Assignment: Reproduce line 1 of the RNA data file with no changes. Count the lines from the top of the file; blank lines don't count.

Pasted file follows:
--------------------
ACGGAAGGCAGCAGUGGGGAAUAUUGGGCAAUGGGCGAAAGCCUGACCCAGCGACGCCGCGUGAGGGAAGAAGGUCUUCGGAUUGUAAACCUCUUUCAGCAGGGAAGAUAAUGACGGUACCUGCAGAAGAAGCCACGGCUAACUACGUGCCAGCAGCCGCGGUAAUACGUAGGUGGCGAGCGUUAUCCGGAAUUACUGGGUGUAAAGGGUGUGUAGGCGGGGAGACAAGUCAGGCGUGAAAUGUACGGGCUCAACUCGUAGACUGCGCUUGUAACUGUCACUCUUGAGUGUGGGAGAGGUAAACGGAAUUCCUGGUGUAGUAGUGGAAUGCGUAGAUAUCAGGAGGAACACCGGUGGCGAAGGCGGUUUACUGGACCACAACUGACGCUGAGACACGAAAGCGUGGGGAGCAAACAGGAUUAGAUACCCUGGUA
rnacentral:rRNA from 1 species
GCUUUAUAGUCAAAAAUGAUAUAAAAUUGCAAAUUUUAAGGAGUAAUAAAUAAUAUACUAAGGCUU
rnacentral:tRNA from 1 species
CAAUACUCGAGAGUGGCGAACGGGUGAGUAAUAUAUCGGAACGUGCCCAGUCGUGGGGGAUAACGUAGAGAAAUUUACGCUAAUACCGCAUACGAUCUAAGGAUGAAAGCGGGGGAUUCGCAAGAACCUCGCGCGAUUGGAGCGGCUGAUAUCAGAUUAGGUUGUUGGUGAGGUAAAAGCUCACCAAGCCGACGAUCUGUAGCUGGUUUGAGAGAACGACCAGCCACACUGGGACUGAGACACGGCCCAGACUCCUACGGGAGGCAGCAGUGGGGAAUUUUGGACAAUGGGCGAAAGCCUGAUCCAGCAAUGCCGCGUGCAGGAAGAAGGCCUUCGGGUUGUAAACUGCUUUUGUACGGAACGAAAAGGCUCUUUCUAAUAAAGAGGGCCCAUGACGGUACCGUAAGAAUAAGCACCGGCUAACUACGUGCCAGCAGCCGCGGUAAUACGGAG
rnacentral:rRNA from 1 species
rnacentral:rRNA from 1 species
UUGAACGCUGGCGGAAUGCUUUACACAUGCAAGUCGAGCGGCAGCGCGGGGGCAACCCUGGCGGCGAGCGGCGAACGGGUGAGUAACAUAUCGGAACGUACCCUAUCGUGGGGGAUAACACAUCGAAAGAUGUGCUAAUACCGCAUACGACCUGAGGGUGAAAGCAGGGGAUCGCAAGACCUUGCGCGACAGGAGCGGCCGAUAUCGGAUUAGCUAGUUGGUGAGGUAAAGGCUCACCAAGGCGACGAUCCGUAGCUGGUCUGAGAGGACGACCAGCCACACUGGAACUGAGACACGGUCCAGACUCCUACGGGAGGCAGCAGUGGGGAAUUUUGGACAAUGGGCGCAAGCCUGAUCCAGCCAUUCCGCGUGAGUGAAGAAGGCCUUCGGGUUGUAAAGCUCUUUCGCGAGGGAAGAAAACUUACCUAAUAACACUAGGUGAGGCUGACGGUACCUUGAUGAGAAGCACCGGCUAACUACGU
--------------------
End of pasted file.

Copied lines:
ACGGAAGGCAGCAGUGGGGAAUAUUGGGCAAUGGGCGAAAGCCUGACCCAGCGACGCCGCGUGAGGGAAGAAGGUCUUCGGAUUGUAAACCUCUUUCAGCAGGGAAGAUAAUGACGGUACCUGCAGAAGAAGCCACGGCUAACUACGUGCCAGCAGCCGCGGUAAUACGUAGGUGGCGAGCGUUAUCCGGAAUUACUGGGUGUAAAGGGUGUGUAGGCGGGGAGACAAGUCAGGCGUGAAAUGUACGGGCUCAACUCGUAGACUGCGCUUGUAACUGUCACUCUUGAGUGUGGGAGAGGUAAACGGAAUUCCUGGUGUAGUAGUGGAAUGCGUAGAUAUCAGGAGGAACACCGGUGGCGAAGGCGGUUUACUGGACCACAACUGACGCUGAGACACGAAAGCGUGGGGAGCAAACAGGAUUAGAUACCCUGGUA